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What we focus on becomes our reality

Morning Folks

In many places in the scriptures we are to “Behold” which means to “Look” and see beyond what we see. It can also mean to pay attention.

A core principle of the Appreciative Way is: “What we focus on becomes our reality.” Or What we water with our attention will grow.

Buddhists talk of “right seeing” the paying attention to that which is truly true, timeless or eternal, rather than the temporal things that all will pass away.

In the midst of the virus I invite us all to pay attention to what we are paying attention to.

This is not to deny some seriously bad stuff is happening.

We need to be aware of the suffering, but we can view it through eyes of wonder, that Jesus too weeps.

And eyes of wonder at the people offering caring, that this suffering is bringing out the best in people.

With a smile

Posted by The Rev. Dr. Rob Voyle with

Happy Feast of the Annunciation

What I see is not what I am looking at but what I am looking with. 
And so my first and principal duty… is to find my eyes of love.
— Dan Jones

Hi Folks,

Today the church celebrates the Feast of the Annunciation. Nine months later we know the rest of the story…

I am always very aware when Messengers of God show up that people become afraid. I think it is because fear is our default setting, physically, emotionally, and spiritually.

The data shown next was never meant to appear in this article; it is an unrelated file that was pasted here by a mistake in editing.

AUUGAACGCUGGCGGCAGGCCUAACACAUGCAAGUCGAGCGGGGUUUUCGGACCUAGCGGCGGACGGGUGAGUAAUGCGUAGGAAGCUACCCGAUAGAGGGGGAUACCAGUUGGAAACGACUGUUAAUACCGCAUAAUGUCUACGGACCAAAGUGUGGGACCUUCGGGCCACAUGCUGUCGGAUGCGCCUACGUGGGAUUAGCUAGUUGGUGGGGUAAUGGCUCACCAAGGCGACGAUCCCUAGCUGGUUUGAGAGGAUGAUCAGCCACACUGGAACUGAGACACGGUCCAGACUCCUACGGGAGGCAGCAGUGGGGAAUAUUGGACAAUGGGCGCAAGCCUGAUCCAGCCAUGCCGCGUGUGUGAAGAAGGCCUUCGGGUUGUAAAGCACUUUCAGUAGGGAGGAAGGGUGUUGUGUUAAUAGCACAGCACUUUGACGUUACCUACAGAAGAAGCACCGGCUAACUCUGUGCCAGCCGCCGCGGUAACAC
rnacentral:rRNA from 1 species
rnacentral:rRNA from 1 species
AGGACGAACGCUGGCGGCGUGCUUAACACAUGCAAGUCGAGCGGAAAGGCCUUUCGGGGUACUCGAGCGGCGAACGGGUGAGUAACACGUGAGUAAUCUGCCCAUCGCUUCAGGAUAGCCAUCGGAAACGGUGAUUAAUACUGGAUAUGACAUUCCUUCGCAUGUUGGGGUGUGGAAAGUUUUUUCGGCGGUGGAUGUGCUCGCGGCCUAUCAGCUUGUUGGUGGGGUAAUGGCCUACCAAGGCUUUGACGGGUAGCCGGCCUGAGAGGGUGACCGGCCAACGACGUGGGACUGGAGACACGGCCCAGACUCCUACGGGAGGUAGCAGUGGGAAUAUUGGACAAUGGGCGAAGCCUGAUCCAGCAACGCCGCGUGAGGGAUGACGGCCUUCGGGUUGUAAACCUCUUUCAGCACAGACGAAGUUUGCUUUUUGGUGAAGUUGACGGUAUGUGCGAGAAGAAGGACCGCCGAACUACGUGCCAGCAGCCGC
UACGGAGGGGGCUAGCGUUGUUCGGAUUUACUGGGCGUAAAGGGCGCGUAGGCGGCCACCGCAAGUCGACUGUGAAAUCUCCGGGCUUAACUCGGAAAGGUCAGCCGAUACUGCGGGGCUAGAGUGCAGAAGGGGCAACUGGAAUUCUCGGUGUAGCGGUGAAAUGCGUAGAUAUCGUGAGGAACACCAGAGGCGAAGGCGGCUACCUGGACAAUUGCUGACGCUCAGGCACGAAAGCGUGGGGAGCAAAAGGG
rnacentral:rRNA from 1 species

But fear is not our birthright, our birthright is love. We often think that the opposite of love is hate but St. John in his letter says that the opposite of love is fear, and I totally believe that to be true.

Hate is what happens when you keep someone afraid for too long. The fear crystallizes into hate. Rather than heading that direction I want to return to our birthright, the land of love.

I do have a bone to pick with God’s messengers, because they often begin with “Fear not.” or “Don’t be afraid.” Telling someone to “not” be the way they are is telling people to be inauthentic. I much prefer the messengers who begin with “Peace.” They are inviting people into a space from wherever they may be.

I know that the virus, and its consequences, has us all afraid to one degree or another.  Currently most of my fear is not of catching the virus, but can I get my technology to work. My personal practice, when I remember, is first to acknowledge, “I am afraid,” then to take a breath and in my mind, take a step back and breathe again, and then to see what love is calling me to do, in response to the situation I find myself in.

Put on your eyes of love and wonder what love is calling each of us to do.

My eyes of love are very close to my eyes of delight.

And I am delighted to be serving you all in these challenging times.


Posted by The Rev. Dr. Rob Voyle with